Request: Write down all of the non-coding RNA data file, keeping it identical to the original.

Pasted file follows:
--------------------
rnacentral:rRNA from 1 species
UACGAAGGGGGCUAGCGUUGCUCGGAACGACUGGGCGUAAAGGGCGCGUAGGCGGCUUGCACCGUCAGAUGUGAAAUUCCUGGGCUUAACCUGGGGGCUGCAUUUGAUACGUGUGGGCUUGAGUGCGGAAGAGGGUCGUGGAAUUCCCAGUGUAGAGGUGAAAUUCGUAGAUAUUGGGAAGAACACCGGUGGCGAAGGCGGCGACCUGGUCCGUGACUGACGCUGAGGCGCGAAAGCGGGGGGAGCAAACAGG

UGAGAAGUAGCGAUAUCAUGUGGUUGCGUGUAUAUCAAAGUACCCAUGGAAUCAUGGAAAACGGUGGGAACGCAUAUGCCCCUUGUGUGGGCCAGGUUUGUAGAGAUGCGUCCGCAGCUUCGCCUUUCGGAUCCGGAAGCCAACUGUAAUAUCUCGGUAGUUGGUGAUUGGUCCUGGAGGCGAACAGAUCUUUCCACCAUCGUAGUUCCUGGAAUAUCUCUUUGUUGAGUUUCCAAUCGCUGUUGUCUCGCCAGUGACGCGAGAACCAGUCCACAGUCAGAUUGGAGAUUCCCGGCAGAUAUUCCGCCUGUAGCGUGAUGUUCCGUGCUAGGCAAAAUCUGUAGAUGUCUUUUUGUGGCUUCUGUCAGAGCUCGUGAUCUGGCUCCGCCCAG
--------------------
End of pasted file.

rnacentral:rRNA from 1 species
UACGAAGGGGGCUAGCGUUGCUCGGAACGACUGGGCGUAAAGGGCGCGUAGGCGGCUUGCACCGUCAGAUGUGAAAUUCCUGGGCUUAACCUGGGGGCUGCAUUUGAUACGUGUGGGCUUGAGUGCGGAAGAGGGUCGUGGAAUUCCCAGUGUAGAGGUGAAAUUCGUAGAUAUUGGGAAGAACACCGGUGGCGAAGGCGGCGACCUGGUCCGUGACUGACGCUGAGGCGCGAAAGCGGGGGGAGCAAACAGG

UGAGAAGUAGCGAUAUCAUGUGGUUGCGUGUAUAUCAAAGUACCCAUGGAAUCAUGGAAAACGGUGGGAACGCAUAUGCCCCUUGUGUGGGCCAGGUUUGUAGAGAUGCGUCCGCAGCUUCGCCUUUCGGAUCCGGAAGCCAACUGUAAUAUCUCGGUAGUUGGUGAUUGGUCCUGGAGGCGAACAGAUCUUUCCACCAUCGUAGUUCCUGGAAUAUCUCUUUGUUGAGUUUCCAAUCGCUGUUGUCUCGCCAGUGACGCGAGAACCAGUCCACAGUCAGAUUGGAGAUUCCCGGCAGAUAUUCCGCCUGUAGCGUGAUGUUCCGUGCUAGGCAAAAUCUGUAGAUGUCUUUUUGUGGCUUCUGUCAGAGCUCGUGAUCUGGCUCCGCCCAG